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How College Classmates Helped Rebuild War-torn Europe

Alzina Stone Dale ’52
When the Post War World Was New,
(Tate Publishing, 2009)


Alzina “Maryal” Stone Dale (far left) and Swarthmore classmates (counterclockwise from front) Jenny (Mary) Lee Suiter, Elspeth Monro Reagan, Nell Goldstein Stern, and Amy Blatchford Hecht on the deck of the Arosa Kulm, a converted troop ship, en route to Europe and the work camps in June 1952.

World War II had recently ended, and Maryal Stone (known also by the pen name Alzina Stone Dale) had her Swarthmore diploma in hand. Unsure of what her next step would be, the Chicago native volunteered to go overseas with the Quakers and help rebuild war-torn Europe. After four days of orientation at the American Friends Service Committee’s (AFSC) Pendle Hill Conference Center, Stone and four classmates—Amy Blatchford Hecht, Elspeth Monro Reagan, Jenny (Mary) Lee Suiter, and Nell Goldstein Stern—boarded the Arosa Kulm, a converted troop ship. Classmates Esther Fiske Doherty and Nancy Cliffe Vernon also volunteered at work camps that summer, and Dale met them later in Switzerland to sightsee before heading home.

Their adventure began in Philadelphia on June 18, 1952, with the women lugging rucksacks filled with all they would need for the next three months. Once in Europe, they went to Paris, where the AFSC’s office assigned them to various work camps. Dale traveled north by train—her destination a Finnish camp near Rovaniemi. On the final leg of her trip, she was bused to the edge of a wooded area in Paivojoki, picked up by a truck driver, and driven on a dirt road to the camp, where she traversed a plank to reach the first building. This was home for the next six weeks.

Dale was inspired to write When the Post War World Was New while attending her class’s 45th reunion. Other book projects have included biographies of G.K. Chesterton and Dorothy L. Sayers. She also co-authored a series of mystery guidebooks that trace the steps of characters such as Nero Wolfe in New York and Lord Peter Wimsey in London.

Dale had detailed diaries from the summer of 1952 and letters home that her parents had saved, but she also wanted to incorporate the memories of her traveling companions. In response to her requests for details, a plethora of shared memories, letters, and photographs flowed into the Dale household.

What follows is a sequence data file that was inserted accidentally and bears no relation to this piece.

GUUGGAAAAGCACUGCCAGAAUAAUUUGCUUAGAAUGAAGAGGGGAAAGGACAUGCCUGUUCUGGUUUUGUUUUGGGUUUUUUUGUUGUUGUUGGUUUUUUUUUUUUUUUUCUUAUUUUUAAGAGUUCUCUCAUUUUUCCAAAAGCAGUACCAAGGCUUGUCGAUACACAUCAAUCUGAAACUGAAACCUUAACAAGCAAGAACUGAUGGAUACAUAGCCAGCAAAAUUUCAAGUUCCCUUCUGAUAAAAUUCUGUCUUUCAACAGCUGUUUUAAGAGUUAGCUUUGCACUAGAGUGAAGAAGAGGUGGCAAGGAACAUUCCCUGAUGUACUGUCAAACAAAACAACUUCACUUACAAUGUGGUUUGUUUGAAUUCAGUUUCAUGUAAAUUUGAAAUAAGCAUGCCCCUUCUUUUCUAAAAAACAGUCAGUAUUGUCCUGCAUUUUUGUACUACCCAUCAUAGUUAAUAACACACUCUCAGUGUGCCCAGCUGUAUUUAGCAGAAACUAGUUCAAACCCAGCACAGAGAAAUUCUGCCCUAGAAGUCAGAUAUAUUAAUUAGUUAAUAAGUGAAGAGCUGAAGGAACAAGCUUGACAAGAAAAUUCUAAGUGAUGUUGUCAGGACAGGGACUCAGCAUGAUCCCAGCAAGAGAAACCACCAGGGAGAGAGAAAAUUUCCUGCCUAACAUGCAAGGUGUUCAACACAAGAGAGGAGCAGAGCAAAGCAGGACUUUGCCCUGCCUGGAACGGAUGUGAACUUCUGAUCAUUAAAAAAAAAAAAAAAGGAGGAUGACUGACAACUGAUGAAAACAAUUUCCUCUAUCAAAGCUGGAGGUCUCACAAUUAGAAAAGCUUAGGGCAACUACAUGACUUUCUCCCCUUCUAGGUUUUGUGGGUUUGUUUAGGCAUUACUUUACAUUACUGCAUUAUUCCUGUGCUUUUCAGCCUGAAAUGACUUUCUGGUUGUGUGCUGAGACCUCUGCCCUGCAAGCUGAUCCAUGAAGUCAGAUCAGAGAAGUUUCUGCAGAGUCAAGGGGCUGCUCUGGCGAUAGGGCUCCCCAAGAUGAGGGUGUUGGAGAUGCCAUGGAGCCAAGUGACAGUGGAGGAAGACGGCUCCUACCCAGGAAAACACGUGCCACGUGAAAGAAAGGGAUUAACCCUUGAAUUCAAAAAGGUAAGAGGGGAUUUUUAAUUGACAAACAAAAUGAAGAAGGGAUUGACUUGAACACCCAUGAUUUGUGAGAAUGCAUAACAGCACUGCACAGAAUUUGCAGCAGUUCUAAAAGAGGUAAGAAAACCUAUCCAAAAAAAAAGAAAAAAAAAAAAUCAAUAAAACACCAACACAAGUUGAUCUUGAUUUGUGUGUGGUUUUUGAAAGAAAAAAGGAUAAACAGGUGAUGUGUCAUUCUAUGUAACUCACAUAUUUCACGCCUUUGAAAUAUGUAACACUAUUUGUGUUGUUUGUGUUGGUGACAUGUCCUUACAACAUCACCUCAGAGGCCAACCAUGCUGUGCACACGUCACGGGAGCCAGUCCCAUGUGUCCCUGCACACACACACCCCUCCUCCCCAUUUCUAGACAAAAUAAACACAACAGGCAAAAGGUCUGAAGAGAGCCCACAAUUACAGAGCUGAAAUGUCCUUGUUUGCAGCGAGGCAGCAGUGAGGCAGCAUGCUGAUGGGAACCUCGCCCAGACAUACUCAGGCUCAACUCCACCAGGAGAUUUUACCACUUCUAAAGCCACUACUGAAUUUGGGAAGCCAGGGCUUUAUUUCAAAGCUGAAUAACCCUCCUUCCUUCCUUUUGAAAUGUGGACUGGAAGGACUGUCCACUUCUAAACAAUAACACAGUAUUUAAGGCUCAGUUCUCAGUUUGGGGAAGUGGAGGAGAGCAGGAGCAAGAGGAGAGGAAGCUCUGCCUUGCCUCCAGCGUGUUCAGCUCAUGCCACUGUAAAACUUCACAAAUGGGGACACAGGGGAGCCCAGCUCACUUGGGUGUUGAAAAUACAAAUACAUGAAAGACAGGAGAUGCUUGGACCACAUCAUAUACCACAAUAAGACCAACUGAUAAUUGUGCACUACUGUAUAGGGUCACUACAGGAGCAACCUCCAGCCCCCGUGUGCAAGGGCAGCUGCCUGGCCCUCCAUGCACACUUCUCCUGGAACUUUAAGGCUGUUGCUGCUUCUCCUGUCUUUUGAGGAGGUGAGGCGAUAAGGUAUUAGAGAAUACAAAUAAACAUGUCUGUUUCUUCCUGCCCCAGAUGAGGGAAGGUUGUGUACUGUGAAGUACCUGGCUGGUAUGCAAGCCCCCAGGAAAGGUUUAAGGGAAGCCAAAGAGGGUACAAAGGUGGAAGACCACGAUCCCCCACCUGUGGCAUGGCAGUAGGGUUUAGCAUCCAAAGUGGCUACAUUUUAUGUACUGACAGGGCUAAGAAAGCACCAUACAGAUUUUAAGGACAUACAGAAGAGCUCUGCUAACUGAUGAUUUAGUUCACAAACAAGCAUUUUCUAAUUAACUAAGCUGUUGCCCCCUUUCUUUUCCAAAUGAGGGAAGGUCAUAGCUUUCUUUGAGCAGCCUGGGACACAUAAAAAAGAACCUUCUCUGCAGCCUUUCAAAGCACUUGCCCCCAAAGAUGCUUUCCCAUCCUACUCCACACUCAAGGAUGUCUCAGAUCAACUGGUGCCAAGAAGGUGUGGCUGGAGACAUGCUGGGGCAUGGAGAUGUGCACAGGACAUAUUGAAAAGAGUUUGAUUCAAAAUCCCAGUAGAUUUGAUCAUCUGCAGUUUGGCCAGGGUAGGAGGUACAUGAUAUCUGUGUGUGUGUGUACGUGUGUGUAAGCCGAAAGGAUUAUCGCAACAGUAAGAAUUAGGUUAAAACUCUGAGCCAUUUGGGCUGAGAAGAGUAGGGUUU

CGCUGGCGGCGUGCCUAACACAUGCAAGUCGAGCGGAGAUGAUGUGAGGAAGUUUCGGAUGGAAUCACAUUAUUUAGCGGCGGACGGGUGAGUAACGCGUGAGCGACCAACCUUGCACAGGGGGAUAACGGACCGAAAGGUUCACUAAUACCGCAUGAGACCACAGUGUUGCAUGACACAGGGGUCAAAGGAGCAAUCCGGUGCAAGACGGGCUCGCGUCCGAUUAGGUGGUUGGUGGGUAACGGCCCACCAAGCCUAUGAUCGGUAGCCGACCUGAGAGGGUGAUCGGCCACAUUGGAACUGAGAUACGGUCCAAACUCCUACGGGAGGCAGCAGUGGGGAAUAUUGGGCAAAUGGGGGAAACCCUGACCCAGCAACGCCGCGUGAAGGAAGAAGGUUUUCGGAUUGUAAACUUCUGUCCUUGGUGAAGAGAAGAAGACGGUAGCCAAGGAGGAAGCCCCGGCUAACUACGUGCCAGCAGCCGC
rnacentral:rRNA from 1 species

Last fall—more than a half-century after the European adventure—the tale was ready to be shared.

Why write this story 50 years later?
When I talked my friends into coming to our reunion in 1997, I found that the summer of 1952 had been important to many of them—teaching them what it meant to be an American and how to cope with strange conditions. When I saw how delighted our other classmates were with our stories, I had a lightning-bolt moment—this could be a book! Back home that summer, I began gathering letters, cards, and photos from my traveling companions.

Describe your six weeks at the work camp in northern Finland.
Primitive but fun. The site was previously a lumber camp with two ramshackle buildings. One was a dining room and kitchen for the camp; the other was where the girls slept [The boys slept in tents.]. The whole camp sat around in the evenings to read, talk, or write. Only one other person spoke English, so communication was difficult. We helped 26 families clear trees and boulders from farmland the Finnish government had given to them at the end of the war.

What impact did the work camp and backpacking through Europe have on you?
I learned I could adapt to the primitive conditions. When I started out at the Pendle Hill training center, I could hardly lift my rucksack, but by the time we were touring Europe, I was easily swinging it up onto my shoulders. Traveling through Europe, I was surprised that some Europeans disapproved of Americans and discovered that the some work camp members preferred not to be identified as Americans.

Your writing became softer and more upbeat at the end of your summer-long sojourn. Why was England such a different experience for you?
England felt more like home because I could speak the language. It was part of my heritage, and I had studied English history and literature in my honors classes. I also had classmate Kippie deKiewiet Hemphill (who was taking graduate history classes at the University of London) to bum around with— just about every evening we indulged ourselves with inexpensive seats at the theater—and fulfilled a lifelong dream when I saw Queen Elizabeth II [who recently had been crowned] ride by in her horse-drawn carriage.

What has been the proudest moment of your career?
When I opened a letter from a publisher saying they wanted to publish my book about Dorothy L. Sayers. Even before going to England, I was very fond of Sayers’s mysteries, having found them in a Swarthmore neighborhood bookstore. Years later, while home with my three children. I wrote Maker and Craftsman: The Story of Dorothy L. Sayers.

What is your guilty pleasure?
Reading books. If given the chance, I would do just that and write letters. Here in Chicago, I’m known for writing letters to editors. Perhaps my next book will be a compilation of those letters.

—Susan Cousins Breen



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